Of arguments

I love to argue. I find it the best way to understand something. Because your argument is the sum total of your understanding. If someone points out a flaw, and if it’s valid than it improves your understanding as well. I do understand that all things cannot be argued using logic, but these I find are the topics which I see as beyond arguments. Topics like, “Bitter gourd (karela) is the worst vegetable of the world, cannot be brought to any conclusion. I had previously written here about objective and subjective issues.

But for all my love of arguments, i find it difficult to find a good partner. Egos get hurt really fast and I have had many difficulties in my friendships because of these. Recently I found in a mail by D.R.Nair, posted in a newsgroup, what all not do in an argument. It seems there are standard mistakes commited by many debaters. And when I read it I realized myself of having committed a few. I hope someone will benefit from these. And let the arguers thrive.

a) Argumentum ad hominem – A fallacy seen in most discussions where the person is attacked rather than his arguments.

b) Straw man fallacy is when you misrepresent someone else’s position so that it can be attacked more easily, knock down that misrepresented position, then conclude that the original position has been demolished.It’s a fallacy because it fails to deal with the actual arguments that have been made.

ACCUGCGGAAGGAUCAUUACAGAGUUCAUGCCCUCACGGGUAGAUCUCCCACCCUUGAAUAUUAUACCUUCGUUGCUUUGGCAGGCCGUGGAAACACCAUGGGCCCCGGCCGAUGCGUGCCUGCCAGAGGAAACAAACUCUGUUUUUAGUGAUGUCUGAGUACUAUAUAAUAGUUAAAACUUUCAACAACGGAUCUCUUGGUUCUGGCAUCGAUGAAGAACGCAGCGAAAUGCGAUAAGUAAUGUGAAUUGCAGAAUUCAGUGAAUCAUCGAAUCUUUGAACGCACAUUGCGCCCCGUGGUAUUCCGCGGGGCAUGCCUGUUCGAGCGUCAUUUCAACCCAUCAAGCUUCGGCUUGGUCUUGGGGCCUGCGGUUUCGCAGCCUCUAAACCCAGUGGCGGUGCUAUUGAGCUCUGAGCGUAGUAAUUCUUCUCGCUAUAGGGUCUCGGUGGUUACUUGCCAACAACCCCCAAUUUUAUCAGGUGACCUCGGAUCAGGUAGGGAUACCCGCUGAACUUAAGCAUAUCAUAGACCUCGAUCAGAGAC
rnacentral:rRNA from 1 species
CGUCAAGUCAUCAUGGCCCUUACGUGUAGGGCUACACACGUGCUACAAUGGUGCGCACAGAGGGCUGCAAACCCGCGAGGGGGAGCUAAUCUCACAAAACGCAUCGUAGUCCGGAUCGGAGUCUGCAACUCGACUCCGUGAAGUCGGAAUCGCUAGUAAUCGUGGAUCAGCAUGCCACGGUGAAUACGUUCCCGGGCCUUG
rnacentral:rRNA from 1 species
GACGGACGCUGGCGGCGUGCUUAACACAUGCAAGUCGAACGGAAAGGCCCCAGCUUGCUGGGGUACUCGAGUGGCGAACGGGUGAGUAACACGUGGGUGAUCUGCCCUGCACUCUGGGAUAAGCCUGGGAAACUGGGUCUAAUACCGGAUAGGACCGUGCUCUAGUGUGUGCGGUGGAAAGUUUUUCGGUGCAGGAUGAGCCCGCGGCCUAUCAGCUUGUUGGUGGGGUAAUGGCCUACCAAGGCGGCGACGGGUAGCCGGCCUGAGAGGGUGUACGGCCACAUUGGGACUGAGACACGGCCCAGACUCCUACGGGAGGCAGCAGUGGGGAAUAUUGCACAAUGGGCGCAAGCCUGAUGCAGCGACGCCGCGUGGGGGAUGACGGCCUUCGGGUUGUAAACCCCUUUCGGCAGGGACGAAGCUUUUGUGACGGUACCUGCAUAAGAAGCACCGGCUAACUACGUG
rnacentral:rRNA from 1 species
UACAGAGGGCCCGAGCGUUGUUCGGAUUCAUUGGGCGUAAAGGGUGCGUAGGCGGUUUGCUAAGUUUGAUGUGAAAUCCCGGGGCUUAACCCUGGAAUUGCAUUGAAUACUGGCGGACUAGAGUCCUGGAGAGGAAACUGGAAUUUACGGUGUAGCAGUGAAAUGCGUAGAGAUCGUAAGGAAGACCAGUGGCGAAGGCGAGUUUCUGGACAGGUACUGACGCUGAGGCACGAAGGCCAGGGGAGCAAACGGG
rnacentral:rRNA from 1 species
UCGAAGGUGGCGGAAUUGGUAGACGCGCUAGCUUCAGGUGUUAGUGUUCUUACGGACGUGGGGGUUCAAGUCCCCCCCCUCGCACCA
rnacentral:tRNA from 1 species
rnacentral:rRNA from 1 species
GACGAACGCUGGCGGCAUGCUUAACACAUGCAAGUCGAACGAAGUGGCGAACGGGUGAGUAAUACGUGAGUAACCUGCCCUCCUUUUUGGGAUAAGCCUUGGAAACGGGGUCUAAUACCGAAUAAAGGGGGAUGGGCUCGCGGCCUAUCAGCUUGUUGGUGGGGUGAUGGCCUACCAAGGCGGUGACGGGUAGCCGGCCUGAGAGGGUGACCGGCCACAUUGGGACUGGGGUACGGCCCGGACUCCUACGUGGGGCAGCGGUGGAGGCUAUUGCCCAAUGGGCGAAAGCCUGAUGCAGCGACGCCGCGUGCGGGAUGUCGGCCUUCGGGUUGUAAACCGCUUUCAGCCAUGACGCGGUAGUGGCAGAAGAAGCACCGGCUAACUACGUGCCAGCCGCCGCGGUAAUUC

c) Argument from Personal Incredulity- I don’t know something or i find it difficult to believe. So it should be wrong.

d) Red herring- Introducing irrelevant material to the issue being discussed, so that everyone’s attention is diverted away from the points made, towards a different conclusion.

e) Fallacy of the excluded middle- Seeing everything as only two alternatives. To quote Bush, “Either you are with me or with them”.

f) Anecdotal evidence- Using personal experience to generalize facts. If I have a good Hindu/Christian/Muslim neighbour, then all
Hindus/Christians/Muslims are good neighbours

g) Theorizing the consequences than the causes and arriving at wrong conclusions.


ol oleesh

When i was 5 we changed apartments. A nice neighbour aunty was left behind, so much so that i am not able to remember her name even. Her children where not there in their home. Mybe they were away for studies or something. So she showered all her love on me. Whenever i was there i would say ‘ol oleesh’ and she would put a spoonfull of horlicks into my mouth. The spoon would remain in my mouth till all the sweet powder dissolved and then i would repeat my signal of ol oleesh.

I still remember one of the stories she told me, of how she came close to becoming lady tarzan sheena. It seems she was also a child some ages ago. It was a winter afternoon and her mother had laid her on a mat in the courtyard in the sunshine. There were a lot of monkeys around her home. Normally they did no one any harm apart from stealing some food. But luck had that when our baby aunty was soaking the sunshine there was a she-monkey in the trees who probably had lost her child recently. So when aunty’s m other went inside for a minute, this monkey decided to adopt our baby aunty and fled with her. Luckily her mother came out hearing the baby cry and somehow the baby was recovered with only a scratch on her back.